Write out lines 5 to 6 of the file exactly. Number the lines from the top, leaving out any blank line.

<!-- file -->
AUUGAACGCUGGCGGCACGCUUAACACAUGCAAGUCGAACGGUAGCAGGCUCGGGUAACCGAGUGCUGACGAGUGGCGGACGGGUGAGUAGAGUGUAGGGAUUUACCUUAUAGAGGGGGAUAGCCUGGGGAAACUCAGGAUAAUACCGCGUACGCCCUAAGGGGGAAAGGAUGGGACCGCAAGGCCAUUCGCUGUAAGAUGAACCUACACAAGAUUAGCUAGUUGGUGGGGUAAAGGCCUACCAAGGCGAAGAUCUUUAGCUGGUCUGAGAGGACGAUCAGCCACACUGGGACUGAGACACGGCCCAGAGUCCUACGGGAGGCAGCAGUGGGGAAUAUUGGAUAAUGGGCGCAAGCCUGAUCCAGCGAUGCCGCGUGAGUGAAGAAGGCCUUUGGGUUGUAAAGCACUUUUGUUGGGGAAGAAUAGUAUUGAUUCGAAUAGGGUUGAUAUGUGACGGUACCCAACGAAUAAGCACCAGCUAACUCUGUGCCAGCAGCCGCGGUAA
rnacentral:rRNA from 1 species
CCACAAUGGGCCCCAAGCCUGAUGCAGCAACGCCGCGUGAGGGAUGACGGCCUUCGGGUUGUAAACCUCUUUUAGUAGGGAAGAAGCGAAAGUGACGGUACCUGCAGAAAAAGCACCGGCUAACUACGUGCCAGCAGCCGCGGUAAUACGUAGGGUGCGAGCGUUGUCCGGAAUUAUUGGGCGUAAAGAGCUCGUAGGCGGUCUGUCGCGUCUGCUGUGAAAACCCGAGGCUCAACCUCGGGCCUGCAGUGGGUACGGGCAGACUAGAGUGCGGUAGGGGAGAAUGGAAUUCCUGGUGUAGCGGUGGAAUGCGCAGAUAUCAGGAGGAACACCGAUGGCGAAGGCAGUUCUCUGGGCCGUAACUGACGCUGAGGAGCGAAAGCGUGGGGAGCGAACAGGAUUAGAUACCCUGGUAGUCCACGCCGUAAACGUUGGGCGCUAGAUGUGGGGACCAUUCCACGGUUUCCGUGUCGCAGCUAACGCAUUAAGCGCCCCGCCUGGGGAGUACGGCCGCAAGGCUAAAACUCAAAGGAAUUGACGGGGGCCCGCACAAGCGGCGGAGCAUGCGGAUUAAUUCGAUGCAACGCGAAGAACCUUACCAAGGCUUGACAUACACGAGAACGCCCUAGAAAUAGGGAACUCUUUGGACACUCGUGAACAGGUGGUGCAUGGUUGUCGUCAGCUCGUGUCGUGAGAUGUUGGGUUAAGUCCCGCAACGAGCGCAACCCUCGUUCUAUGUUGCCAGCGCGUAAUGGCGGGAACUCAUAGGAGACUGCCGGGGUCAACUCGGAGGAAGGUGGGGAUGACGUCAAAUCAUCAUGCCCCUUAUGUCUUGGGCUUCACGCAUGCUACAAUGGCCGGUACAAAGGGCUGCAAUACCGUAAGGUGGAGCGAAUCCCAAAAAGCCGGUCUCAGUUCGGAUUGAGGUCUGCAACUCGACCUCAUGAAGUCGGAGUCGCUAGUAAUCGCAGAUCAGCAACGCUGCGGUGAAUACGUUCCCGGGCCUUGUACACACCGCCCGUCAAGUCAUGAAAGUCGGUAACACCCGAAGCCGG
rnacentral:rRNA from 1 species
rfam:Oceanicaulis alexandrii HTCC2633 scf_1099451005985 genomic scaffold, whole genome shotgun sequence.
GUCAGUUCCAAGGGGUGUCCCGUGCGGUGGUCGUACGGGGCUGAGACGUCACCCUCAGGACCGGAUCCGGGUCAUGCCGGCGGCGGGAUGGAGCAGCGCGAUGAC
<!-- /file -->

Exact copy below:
rfam:Oceanicaulis alexandrii HTCC2633 scf_1099451005985 genomic scaffold, whole genome shotgun sequence.
GUCAGUUCCAAGGGGUGUCCCGUGCGGUGGUCGUACGGGGCUGAGACGUCACCCUCAGGACCGGAUCCGGGUCAUGCCGGCGGCGGGAUGGAGCAGCGCGAUGAC